I’ve learned that the Bible’s four chapter story (creation, fall, redemption, restoration), puts us in the third chapter right now. This means that we catch glimpses of the kingdom of God coming (Luke 11:20, 17:20-21) although it is not fully here. Work is meant to guide us closer to God as we partner with him in cultivating the goodness of the world. Creation may have started out in the garden, but the new Jerusalem is represented as a city. Churches, businesses, schools, and non-profits all contribute to that cultivation, making us all missionaries in our workplaces.
This realization hands me so much freedom. I no longer need to worry about the “best” or the “only” way in which I can glorify God in my work. If he is in everything, all work has the opportunity to be glorifying. As I’ve reoriented myself to this mindset, I’ve learned to appreciate the opportunity to serve God through my nine to five, and not strictly through my Sunday mornings. What a gift it is to realize that work is worship.
SERVE: The service aspect of our program has not fully taken flight yet, but we have gotten small tastes of what it looks like to serve our community, as well as one another. We live just off of Troost, a well-known dividing line of Kansas City with racial and socioeconomic segregation. We’ve gotten chances to know and serve our neighbors on a few occasions. As autumn turned to winter, we spent an afternoon tending to yard work, raking 100 bags of leaves to send to a compost. And just a few weeks ago, we took a trip to Adelante Thrift, where we helped sort, bag, and prepare donations. After finishing up, we were told that we helped the staff complete weeks worth of work that we had done in just a few hours. Praise God!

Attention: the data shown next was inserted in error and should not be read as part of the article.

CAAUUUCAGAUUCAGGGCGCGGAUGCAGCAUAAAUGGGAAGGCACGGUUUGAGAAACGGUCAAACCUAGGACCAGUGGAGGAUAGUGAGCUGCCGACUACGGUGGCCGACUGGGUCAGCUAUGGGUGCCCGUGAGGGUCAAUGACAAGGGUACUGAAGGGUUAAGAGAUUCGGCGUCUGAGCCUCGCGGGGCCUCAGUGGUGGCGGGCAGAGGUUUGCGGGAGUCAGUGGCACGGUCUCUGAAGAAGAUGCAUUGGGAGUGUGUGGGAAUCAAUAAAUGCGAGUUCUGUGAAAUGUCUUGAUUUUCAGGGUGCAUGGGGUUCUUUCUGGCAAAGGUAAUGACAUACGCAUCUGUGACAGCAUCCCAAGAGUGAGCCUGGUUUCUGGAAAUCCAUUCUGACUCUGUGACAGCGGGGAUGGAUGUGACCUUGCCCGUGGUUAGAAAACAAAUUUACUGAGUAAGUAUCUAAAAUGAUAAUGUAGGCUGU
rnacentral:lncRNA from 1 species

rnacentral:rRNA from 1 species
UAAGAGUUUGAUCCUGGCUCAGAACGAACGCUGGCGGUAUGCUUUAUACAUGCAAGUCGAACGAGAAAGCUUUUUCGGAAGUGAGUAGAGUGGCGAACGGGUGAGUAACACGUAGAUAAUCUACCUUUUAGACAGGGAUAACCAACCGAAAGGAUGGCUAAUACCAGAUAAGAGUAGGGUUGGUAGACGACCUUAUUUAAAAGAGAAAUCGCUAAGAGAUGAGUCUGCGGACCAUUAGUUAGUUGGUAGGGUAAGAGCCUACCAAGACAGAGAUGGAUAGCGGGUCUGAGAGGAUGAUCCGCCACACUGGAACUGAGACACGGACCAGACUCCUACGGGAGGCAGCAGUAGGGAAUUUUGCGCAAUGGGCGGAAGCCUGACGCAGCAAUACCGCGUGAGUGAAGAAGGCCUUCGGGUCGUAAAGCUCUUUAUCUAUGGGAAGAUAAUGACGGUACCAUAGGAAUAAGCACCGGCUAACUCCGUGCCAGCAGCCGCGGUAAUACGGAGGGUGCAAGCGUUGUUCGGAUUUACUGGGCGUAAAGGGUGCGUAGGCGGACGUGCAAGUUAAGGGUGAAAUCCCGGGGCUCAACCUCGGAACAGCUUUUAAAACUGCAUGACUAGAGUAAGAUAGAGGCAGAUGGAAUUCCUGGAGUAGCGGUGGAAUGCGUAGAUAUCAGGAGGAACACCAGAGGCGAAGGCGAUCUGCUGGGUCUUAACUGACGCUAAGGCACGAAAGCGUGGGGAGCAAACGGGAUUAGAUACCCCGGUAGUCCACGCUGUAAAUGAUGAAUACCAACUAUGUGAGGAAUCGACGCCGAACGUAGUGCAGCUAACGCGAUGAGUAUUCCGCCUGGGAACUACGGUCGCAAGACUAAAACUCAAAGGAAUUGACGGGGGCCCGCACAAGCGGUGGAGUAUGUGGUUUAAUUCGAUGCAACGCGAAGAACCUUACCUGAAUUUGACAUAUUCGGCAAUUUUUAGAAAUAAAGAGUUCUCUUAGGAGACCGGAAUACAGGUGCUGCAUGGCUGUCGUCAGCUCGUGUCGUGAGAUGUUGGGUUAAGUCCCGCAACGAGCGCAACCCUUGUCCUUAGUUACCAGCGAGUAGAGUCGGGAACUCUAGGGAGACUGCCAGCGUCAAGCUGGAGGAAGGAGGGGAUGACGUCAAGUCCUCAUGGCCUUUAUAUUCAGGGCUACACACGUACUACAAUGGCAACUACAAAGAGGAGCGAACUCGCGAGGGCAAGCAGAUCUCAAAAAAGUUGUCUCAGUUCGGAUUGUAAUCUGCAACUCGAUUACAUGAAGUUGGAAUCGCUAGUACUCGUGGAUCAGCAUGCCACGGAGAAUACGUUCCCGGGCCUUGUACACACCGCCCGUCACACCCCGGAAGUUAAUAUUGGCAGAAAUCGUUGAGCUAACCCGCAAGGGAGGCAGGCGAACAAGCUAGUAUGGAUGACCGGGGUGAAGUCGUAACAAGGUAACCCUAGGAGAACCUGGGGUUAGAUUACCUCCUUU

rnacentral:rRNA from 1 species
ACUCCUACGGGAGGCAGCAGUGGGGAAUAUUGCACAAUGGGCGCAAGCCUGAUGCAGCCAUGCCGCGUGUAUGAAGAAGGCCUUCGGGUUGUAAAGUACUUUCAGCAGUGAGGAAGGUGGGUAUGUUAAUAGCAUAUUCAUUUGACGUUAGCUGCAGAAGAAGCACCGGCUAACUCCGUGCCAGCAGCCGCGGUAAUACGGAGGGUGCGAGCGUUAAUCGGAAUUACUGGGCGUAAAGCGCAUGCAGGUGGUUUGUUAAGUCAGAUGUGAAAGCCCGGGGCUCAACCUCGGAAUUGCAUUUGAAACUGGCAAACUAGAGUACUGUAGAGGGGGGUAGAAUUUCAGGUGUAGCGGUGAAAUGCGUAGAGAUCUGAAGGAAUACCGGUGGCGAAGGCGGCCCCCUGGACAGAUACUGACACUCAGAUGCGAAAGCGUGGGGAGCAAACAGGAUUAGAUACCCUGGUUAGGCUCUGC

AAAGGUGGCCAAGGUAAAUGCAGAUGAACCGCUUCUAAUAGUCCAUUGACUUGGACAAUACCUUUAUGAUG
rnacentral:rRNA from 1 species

One of my favorite examples of service to one another happens on Thursday nights. Each Fellow takes turns preparing a meal for the rest of the group. We sit down, break bread, and ask each other questions. Not just the “how was your day” generalities, but real, intentional questions. Some of those have been: “What was your favorite Christmas memory?” or “What was your first job?”
This may not look like hours you would see logged on a service project, but what’s happening is a development of hearts for each other. Hearts that sacrifice time to spend together, food to eat together, and knowledge to give to one another. It’s time to pause from all other competing responsibilities, and time to give serving one another. After realizing that we needed to become more intentional about building our Fellows family, this has become one of my favorite ways to see the church in action, and while sitting right at my own dining room table.
Praise God for his work thus far in KC Fellows. Please continue to pray with us as we anticipate even more of God’s work and grace to come.